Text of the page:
Ambient occlusion was originally introduced into Minecraft as a mod, and eventually incorporated into the core Minecraft engine along with a host of other lighting improvements under the general name of “smooth lighting”. To those who are in-the-know on voxel engine development, this stuff is all pretty standard, but I haven’t yet seen it written up in an accessible format yet.  So I decided to write a quick blog post on it, as well as discuss a few of the small technical issues that come up when you implement it within a system that uses greedy meshing.

Ambient Occlusion

Ambient occlusion is a simple and effective technique for improving the quality of lighting in virtual environments.  The basic idea is to approximate the amount of ambient light that is propagated through the scene towards a point from distant reflections.  The basis for this idea is a heuristic or empirical argument, and can be computed by finding the amount of surface area on a hemisphere which is visible from a given point:

Ambient occlusion illustrated
Ambient occlusion illustrated. Image (c) 2005 Wikipedia.  Credit: Mrtheplague

Adding an ambient occlusion factor to a scene can greatly improve the visual fidelity, and so a lot of thought has gone into methods for calculating and approximating ambient occlusion efficiently.  Broadly speaking, there are two general approaches to accessibility computation:

  1. Static algorithms: Which try to precalculate ambient occlusion for geometry up front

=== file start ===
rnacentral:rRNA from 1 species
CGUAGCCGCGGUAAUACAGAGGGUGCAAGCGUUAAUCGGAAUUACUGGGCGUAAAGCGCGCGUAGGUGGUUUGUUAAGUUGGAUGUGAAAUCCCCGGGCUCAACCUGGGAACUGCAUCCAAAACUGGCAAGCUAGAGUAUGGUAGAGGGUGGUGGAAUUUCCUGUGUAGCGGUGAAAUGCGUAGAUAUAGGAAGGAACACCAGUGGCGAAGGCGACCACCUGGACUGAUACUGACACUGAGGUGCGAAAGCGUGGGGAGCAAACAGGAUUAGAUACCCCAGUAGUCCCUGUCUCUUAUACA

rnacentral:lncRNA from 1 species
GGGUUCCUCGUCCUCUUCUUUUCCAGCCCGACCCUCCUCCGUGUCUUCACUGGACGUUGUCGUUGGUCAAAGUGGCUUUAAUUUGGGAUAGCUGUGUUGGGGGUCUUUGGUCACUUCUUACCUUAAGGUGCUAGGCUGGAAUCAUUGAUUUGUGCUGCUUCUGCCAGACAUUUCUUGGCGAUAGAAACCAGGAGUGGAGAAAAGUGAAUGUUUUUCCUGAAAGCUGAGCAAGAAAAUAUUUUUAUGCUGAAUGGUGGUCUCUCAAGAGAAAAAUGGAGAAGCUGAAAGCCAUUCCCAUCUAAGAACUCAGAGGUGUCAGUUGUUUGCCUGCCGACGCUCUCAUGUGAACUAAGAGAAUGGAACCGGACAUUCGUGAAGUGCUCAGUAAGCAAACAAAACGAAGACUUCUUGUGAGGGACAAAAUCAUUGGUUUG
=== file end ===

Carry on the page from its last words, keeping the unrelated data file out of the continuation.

2. Dynamic algorithms: Which try to compute accessibility from changing or dynamic data.

Perhaps the most well known of these approaches is the famous screen-space ambient occlusion algorithm:

P. Shanmugam, O. Arikan. “Hardware accelerated ambient occlusion techniques on GPUs“.  SIGGRAPH 2007.

The general idea is to read out the contents of the depth buffer, and then use this geometry to approximate the accessibility of each pixel.  This can then be used to shade all of the pixels on the screen:

Screen space ambient occlusion for a typical game. Public domain. Credit: Vlad3D.

Screen space ambient occlusion is nice in that it is really easy to integrate into an existing rendering pipeline — especially with deferred shading — (it is just a post process!) but the downside is that because the depth buffer is not a true model of the scene geometry it can introduce many weird artefacts.  This link has a brief (humorous/NSFW) survey of these flaws.

Ambient occlusion for voxels